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Fabiano Caruana vs Boris Gelfand
Tata Steel Masters (2014), Wijk aan Zee NED, rd 1, Jan-11
Sicilian Defense: Najdorf Variation (B90)  ·  1-0

ANALYSIS [x]

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Kibitzer's Corner
Jan-11-14  Dave1: White plays the Najdorf and castles to the King side with a very strong attack on black's K. Boris is considered a PRO in this opening but not used to this line. Fabiano showes a great opening preparation
Jan-11-14
Premium Chessgames Member
  Jambow: Ouch 30 moves at this level with overwhelming pressure against the king. Nice one Fabiano.
Jan-11-14  mbvklc: Pretty cool game by Caruana, even if Gelfand failed to manage his clock properly and get into heavy time troule later in the game.
Jan-11-14  Dave1: 8...h4 and later on black gets into trouble. Reminds me a game of Carlsen-Nakamura. Can someone find it please, thanks
Jan-11-14
Premium Chessgames Member
  ketchuplover: doesn't 30...qxg5+ work?
Jan-11-14  Nezhmetdinov: 28...Nd7?? Oh dear! The position must be lost anyway but that move looks like one of mine.
Jan-11-14  Whitehat1963: What happens if 29. Nxd6?
Jan-11-14  parisattack: <Dave1: 8...h4 and later on black gets into trouble. Reminds me a game of Carlsen-Nakamura. Can someone find it please, thanks>

Carlsen vs Nakamura, 2013

The famous 'Nakamura Knight' game from Tata last year.

Gelfand goes astray quickly in one of his great specialties, the Najdorf. Chess is indeed a mystery! 17. ...Nh7 looks odd.

Jan-11-14  pajaste: Ah, Gelfand used a variation, 8...h5 in which Caruana had lost twice just last year. Looks like he's been studying this.
Jan-11-14  shivasuri4: <ketchuplover: doesn't 30...qxg5+ work?> That seems to be the only defense against immediate mate. The game might continue 31.Rxg5 Rxg5 32.Kf2 Ndf6 33.Rg1 Rxf3+ 34.Kxf3 Rxg1 35.Bxh7 Nxh7 36.Qxd6, where White retains a strong edge.

<Whitehat1963: What happens if 29. Nxd6?> That drops the knight after 29...Qb6+.

Jan-11-14  SChesshevsky: <pajaste: Ah, Gelfand used a variation, 8...h5 in which Caruana had lost twice just last year. Looks like he's been studying this.>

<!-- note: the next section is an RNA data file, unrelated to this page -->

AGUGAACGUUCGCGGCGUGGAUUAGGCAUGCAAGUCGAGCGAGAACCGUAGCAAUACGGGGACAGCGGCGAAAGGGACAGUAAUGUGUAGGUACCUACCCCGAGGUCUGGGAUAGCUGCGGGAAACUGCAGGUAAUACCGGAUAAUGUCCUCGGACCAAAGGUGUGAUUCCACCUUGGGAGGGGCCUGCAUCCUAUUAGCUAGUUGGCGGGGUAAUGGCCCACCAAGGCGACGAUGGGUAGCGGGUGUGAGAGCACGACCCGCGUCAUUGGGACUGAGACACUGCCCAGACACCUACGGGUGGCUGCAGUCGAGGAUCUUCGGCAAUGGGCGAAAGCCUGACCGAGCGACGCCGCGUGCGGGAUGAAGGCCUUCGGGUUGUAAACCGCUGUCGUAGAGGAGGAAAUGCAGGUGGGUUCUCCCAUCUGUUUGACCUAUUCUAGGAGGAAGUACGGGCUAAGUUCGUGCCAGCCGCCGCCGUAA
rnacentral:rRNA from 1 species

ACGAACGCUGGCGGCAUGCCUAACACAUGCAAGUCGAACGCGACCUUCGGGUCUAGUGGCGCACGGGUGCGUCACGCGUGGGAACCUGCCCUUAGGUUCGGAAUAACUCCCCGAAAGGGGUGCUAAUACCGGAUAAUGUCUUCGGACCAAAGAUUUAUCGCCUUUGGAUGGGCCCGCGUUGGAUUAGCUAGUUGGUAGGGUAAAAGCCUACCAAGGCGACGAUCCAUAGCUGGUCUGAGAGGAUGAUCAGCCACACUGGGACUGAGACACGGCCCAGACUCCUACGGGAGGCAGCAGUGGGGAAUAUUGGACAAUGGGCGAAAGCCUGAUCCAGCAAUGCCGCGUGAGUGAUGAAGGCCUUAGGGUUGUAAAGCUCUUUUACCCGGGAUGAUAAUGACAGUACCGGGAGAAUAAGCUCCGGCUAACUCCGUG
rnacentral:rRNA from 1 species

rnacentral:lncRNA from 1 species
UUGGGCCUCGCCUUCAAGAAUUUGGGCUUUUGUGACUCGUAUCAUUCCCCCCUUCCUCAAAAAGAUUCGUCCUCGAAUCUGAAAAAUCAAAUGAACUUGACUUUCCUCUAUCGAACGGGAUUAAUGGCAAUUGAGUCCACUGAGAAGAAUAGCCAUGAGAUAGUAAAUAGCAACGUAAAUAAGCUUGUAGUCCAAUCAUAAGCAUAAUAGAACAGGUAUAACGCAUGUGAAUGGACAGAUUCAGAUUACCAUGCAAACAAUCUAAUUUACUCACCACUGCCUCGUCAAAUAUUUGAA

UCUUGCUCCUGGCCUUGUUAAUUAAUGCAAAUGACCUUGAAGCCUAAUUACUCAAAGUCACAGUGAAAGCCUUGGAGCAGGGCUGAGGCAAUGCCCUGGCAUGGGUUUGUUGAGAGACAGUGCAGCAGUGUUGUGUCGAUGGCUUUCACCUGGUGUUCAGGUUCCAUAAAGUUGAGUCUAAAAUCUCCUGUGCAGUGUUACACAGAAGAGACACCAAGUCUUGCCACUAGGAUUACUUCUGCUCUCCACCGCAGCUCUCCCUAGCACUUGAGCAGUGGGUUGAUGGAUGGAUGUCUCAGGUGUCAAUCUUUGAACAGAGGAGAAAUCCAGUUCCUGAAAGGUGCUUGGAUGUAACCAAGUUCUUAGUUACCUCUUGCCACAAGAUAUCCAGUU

In one of the earlier games I think Caruana looked for play on the backward d-pawn which didn't work out.

Here White's protected advanced d-pawn looks a subtle advantage binding black.

By chance, I was just pondering that point yesterday in

Pilnik vs Fischer, 1959

where I thought Pilnik might have been better around move 19 or so with the d-pawn bind.

Jan-12-14
Premium Chessgames Member
  keypusher: I don't understand this game at all. For starters, why did Gelfand allow 24.Bxg6, and why didn't Caruana play it?
Jan-13-14  SChesshevsky: <keypusher: I don't understand this game at all. For starters, why did Gelfand allow 24.Bxg6, and why didn't Caruana play it?>

I didn't calculate it all out but it looks like its worth the black pawn to trade rooks after 24. Bxg6 Nxg6 25. Rxg6+ Rg7. If White exchanges on g7 there's no immediate good check on the Black King but White's is exposed and the Black King looks safe enough maybe on h8 as Black should have plenty of time to mobilize the remaining Rook and Queen.

If White defends the advanced R with the Q black develops the Q on the nice h-4 diagonal or plays ...Re7 looking like it defuses all White's attacking chances and maybe even offering counterplay against the weak f or c pawns.

I'm guessing Caruana probably figured or even saw the win on weak h7 without opening up the Kside immediately.

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